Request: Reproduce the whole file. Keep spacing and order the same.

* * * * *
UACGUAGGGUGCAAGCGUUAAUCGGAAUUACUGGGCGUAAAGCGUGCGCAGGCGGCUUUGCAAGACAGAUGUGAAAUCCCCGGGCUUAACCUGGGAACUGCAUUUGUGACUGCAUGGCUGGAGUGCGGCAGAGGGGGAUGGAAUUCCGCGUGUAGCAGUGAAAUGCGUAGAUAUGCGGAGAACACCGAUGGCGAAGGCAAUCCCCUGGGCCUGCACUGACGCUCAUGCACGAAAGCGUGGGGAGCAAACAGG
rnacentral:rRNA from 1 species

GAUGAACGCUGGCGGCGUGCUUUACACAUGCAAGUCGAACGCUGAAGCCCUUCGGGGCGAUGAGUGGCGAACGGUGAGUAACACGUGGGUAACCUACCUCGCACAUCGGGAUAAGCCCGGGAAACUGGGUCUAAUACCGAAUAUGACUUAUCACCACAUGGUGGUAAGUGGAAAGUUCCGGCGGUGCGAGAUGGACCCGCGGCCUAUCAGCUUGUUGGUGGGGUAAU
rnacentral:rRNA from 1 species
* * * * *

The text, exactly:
UACGUAGGGUGCAAGCGUUAAUCGGAAUUACUGGGCGUAAAGCGUGCGCAGGCGGCUUUGCAAGACAGAUGUGAAAUCCCCGGGCUUAACCUGGGAACUGCAUUUGUGACUGCAUGGCUGGAGUGCGGCAGAGGGGGAUGGAAUUCCGCGUGUAGCAGUGAAAUGCGUAGAUAUGCGGAGAACACCGAUGGCGAAGGCAAUCCCCUGGGCCUGCACUGACGCUCAUGCACGAAAGCGUGGGGAGCAAACAGG
rnacentral:rRNA from 1 species

GAUGAACGCUGGCGGCGUGCUUUACACAUGCAAGUCGAACGCUGAAGCCCUUCGGGGCGAUGAGUGGCGAACGGUGAGUAACACGUGGGUAACCUACCUCGCACAUCGGGAUAAGCCCGGGAAACUGGGUCUAAUACCGAAUAUGACUUAUCACCACAUGGUGGUAAGUGGAAAGUUCCGGCGGUGCGAGAUGGACCCGCGGCCUAUCAGCUUGUUGGUGGGGUAAU
rnacentral:rRNA from 1 species